Wells Fargo in talks to scratch one scandal off next CEO's list
Wells Fargo is in negotiations to settle a U.S. probe into procurement of low-income housing tax credits as its top lawyer tries to clean up issues before handing off the chief executive officer role.
The U.S. Justice Department is aiming to resolve an investigation into multiple banks' alleged manipulation of tax-credit bidding in the next couple months, according to people familiar with the matter. Wells Fargo's settlement could exceed $100 million, said the people, asking not to be identified because no agreement has been reached.
The agency is investigating whether Wells Fargo and other banks, including PNC Financial, colluded with developers to lower bids for tax credits that are part of a federal program to encourage development of affordable housing. Wells Fargo is searching for an outside leader to replace Tim Sloan, who stepped down in March after struggling to move the lender past a number of scandals. The bank named general counsel Allen Parker as interim CEO.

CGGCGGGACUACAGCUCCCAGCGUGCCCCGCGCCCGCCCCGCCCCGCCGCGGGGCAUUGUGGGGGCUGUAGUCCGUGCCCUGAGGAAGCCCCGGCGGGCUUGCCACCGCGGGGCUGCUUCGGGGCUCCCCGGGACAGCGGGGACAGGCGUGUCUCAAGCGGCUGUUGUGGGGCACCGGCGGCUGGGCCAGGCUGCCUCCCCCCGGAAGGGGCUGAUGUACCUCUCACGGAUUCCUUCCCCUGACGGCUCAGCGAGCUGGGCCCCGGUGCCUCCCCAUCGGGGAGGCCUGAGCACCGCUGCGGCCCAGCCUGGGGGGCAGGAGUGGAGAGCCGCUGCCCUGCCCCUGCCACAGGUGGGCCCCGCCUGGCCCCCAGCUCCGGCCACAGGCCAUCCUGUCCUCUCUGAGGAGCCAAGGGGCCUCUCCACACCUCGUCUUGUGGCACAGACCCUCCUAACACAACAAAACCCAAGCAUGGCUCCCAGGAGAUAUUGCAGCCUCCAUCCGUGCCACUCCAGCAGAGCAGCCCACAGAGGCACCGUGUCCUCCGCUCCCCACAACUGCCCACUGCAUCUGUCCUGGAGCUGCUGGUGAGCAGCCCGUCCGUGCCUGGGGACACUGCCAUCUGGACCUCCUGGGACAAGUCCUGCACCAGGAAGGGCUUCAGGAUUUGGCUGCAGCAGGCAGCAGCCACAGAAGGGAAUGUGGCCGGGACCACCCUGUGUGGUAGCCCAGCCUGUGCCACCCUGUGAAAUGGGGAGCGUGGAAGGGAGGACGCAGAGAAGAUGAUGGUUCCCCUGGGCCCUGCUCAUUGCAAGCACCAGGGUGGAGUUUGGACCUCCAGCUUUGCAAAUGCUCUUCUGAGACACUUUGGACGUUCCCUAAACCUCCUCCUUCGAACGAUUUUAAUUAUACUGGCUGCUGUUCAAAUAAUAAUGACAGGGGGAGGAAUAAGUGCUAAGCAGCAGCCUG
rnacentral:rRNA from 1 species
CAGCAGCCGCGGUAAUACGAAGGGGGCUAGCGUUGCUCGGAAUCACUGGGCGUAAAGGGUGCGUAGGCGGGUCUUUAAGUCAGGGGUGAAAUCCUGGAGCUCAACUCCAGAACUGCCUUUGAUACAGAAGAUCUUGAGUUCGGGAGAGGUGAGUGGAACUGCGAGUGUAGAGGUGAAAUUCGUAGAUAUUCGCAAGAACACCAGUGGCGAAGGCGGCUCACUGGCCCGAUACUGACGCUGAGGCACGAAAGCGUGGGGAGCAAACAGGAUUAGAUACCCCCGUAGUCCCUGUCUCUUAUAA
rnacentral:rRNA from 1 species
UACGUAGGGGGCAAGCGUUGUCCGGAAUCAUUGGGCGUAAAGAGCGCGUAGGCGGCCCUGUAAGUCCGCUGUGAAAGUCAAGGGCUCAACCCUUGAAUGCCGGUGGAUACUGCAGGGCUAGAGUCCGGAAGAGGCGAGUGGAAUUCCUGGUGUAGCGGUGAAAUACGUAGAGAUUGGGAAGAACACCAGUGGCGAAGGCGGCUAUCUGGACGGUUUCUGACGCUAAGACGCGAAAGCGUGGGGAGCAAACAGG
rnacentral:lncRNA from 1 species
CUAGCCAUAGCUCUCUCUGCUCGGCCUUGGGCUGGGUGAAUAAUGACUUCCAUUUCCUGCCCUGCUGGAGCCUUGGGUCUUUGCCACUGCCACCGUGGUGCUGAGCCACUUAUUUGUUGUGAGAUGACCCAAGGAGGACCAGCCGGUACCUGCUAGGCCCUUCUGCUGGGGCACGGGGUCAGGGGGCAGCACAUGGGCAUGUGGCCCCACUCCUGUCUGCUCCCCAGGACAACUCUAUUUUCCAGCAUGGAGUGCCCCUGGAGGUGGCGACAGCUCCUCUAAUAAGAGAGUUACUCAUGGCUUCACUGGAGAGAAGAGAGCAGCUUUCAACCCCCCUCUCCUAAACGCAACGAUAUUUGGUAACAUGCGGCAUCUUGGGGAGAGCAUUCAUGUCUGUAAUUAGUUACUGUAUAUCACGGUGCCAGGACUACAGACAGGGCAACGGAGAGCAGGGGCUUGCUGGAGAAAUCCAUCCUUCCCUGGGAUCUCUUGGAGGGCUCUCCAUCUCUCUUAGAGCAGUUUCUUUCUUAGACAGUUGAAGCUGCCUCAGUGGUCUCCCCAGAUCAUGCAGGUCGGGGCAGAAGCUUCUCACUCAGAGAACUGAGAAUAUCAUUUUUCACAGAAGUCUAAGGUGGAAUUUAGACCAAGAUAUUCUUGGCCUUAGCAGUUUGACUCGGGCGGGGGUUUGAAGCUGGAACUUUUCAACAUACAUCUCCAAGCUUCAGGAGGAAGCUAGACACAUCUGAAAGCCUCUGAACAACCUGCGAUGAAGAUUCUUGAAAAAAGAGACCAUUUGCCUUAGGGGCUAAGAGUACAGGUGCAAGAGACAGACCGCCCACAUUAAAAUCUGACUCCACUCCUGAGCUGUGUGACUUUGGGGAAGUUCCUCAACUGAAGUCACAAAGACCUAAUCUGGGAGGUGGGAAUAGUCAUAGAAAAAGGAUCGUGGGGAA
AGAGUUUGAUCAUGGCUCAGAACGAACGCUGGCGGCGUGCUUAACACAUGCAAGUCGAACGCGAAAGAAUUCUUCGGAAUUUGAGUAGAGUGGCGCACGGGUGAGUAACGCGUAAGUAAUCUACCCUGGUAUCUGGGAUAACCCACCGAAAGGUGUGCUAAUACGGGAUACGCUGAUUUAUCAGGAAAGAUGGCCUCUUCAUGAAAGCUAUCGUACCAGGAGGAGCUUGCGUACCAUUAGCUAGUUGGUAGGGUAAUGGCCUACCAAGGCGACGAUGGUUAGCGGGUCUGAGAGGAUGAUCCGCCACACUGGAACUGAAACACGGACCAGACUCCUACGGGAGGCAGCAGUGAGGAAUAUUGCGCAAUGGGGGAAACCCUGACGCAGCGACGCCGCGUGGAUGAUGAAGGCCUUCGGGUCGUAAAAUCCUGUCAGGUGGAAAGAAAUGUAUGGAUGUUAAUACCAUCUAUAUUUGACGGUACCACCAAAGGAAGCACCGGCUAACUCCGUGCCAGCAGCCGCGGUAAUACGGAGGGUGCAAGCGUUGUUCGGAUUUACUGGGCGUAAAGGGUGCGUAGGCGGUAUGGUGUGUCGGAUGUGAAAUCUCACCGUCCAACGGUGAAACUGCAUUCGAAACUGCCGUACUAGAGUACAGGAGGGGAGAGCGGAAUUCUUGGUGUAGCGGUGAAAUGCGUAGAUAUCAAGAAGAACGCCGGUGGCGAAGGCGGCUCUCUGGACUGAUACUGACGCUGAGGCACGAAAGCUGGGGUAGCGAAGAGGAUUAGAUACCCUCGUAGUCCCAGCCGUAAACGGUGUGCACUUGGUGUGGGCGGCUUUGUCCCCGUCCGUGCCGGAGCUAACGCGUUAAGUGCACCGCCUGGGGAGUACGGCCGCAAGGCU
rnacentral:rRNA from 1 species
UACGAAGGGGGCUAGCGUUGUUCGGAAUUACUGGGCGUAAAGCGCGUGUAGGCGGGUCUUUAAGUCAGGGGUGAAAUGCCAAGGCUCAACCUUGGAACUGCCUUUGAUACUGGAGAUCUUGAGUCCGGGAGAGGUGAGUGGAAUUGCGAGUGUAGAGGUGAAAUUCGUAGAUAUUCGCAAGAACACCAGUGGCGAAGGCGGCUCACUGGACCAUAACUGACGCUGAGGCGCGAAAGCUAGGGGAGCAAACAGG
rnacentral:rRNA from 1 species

State housing agencies award federal tax credits to developers, who sell them to banks or other investors in the housing projects. Inconsistencies in credit purchase prices for similar projects in recent years prompted an inquiry into potential fraud, with developers selling banks the credits for deflated prices in exchange for better loan terms.
Lowering the price of the tax credit provides a higher return to a project's investor, while resulting in lower tax revenue for the U.S. government. It also could lead to some deals getting more credits than they would otherwise need, rather than freeing them up for other projects. The probe has prompted some banks to self-report behavior related to the tax credits to state housing agencies, one of the people said.
San Francisco-based Wells Fargo disclosed government inquiries in a regulatory filing last year. Two community lending and investment employees were fired in connection with the probe, Bloomberg reported in November. AnnMarie McDonald, a spokeswoman for Wells Fargo, said the company was fully cooperating with the investigation, but couldn't comment further on it.
"Wells Fargo's investment in affordable housing has helped improve access to housing in cities across the country where it is needed most, and we remain committed to LIHTC projects for both the short and long term," McDonald said in an emailed statement.
A PNC spokeswoman said the bank is cooperating with the probe. A Justice Department spokesman declined to comment.